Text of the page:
A predominantly black organization representing Muslims indigenous to the United States, the Muslim Alliance of North America (MANA) was founded in February 2001 by Siraj Wahhaj and Ihsan Bagby. The latter is currently MANA’s General Secretary. Convicted cop-killer Jamil Abdullah Al-Amin (formerly known as H. Rap Brown) was once a driving force behind MANA and continues to enjoy the organization's support to this day.
MANA seeks to establish Sharia, or Islamic Law, as the governing principle of American society.
MANA is part of the American Muslim Task Force on Civil Rights and Elections (AMTF), a national coalition of some of the largest Muslim organizations in the U.S., whose common objectives are to “[m]ainstream the American Muslim community” and work for “the empowerment of [that] community and for the protection of its rights.” MANA’s fellow AMTF members include the American Muslim Alliance, the Council on American-Islamic Relations, the Islamic Circle of North America, the Islamic Society of North America, the Muslim American Society, the Muslim Public Affairs Council, the Muslim Students’ Association of the U.S. and Canada, the Muslim Ummah of North America, Project Islamic Hope, and United Muslims of America.
MANA's Director of Governmental Affairs is Johari Abdul Malik, who likens the Israeli anti-terror separation barrier to South African apartheid; advocates divestiture from Israel; urges a boycott of all entertainers who perform in Israel; and accuses the Israeli government of engaging in a “scorched earth policy” against the Palestinians. At an anti-Israel rally in April 2004, Abdul Malik lamented the Israeli army’s recent killing of Hamas leader Sheik Ahmed Yassin, describing him as "a poor paraplegic in a wheelchair."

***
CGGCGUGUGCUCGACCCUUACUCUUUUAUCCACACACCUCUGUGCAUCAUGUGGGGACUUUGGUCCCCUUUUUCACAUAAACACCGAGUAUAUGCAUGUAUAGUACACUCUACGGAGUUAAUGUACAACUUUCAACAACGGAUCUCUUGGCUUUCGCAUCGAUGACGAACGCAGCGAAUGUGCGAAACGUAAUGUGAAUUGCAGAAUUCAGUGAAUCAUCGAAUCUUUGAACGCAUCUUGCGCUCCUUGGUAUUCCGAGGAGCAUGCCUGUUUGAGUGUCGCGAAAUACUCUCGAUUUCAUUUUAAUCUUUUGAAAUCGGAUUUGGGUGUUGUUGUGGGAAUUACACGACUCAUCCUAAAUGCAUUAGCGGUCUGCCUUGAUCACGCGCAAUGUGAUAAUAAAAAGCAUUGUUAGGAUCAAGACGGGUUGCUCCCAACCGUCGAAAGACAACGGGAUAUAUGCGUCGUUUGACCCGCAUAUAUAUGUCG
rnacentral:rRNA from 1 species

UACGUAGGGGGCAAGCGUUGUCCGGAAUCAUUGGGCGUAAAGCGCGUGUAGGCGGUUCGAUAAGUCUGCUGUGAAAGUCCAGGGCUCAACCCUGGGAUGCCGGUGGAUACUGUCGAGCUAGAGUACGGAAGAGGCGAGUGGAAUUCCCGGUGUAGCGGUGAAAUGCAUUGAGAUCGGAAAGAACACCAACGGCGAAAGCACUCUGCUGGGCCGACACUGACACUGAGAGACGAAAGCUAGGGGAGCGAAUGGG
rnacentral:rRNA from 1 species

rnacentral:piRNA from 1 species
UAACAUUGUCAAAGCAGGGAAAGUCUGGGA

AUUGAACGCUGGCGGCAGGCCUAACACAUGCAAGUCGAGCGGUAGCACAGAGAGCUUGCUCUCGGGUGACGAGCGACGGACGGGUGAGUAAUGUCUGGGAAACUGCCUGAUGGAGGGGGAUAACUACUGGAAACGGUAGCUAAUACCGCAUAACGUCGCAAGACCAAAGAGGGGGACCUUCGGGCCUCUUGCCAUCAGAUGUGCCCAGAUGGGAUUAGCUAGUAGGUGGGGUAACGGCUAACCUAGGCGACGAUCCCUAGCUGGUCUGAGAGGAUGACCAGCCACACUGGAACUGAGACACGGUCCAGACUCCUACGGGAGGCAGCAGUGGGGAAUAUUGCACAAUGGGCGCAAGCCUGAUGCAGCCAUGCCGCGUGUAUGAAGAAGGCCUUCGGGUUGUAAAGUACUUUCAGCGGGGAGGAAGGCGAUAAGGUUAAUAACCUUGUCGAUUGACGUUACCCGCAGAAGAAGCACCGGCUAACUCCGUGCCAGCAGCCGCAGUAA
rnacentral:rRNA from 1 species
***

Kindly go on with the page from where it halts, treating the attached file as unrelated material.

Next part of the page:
MANA chose not to endorse or participate in the May 14, 2005 "Free Muslims March Against Terror," an event whose purpose was to "send a message to the terrorists and extremists that their days are numbered ... [and to send] a message to the people of the Middle East, the Muslim world and all people who seek freedom, democracy and peaceful coexistence that we support them."
On October 28, 2009, Luqman Ameen Abdullah, a member of MANA's governing board, was killed during an FBI raid as he engaged federal agents in a gun battle. Several of his accomplices were subsequently arrested on "charges including conspiracy, receipt of stolen goods, and firearms offenses." Prosecutors had previously called Abdullah "a highly placed leader of a nationwide radical fundamentalist Sunni group."
According to an FBI agent’s affadavit, Abdullah “regularly preache[d] anti-government and anti-law enforcement rhetoric. [He] and his followers … trained regularly in the use of firearms, and … in martial arts and sword fighting."
The website Islamist Watch reports that music legend Kenny Gamble served on the same MANA board with Abdullah; Gamble has been accused of working to build a "black Muslim enclave" on real estate in Philadelphia that was given to him by the city.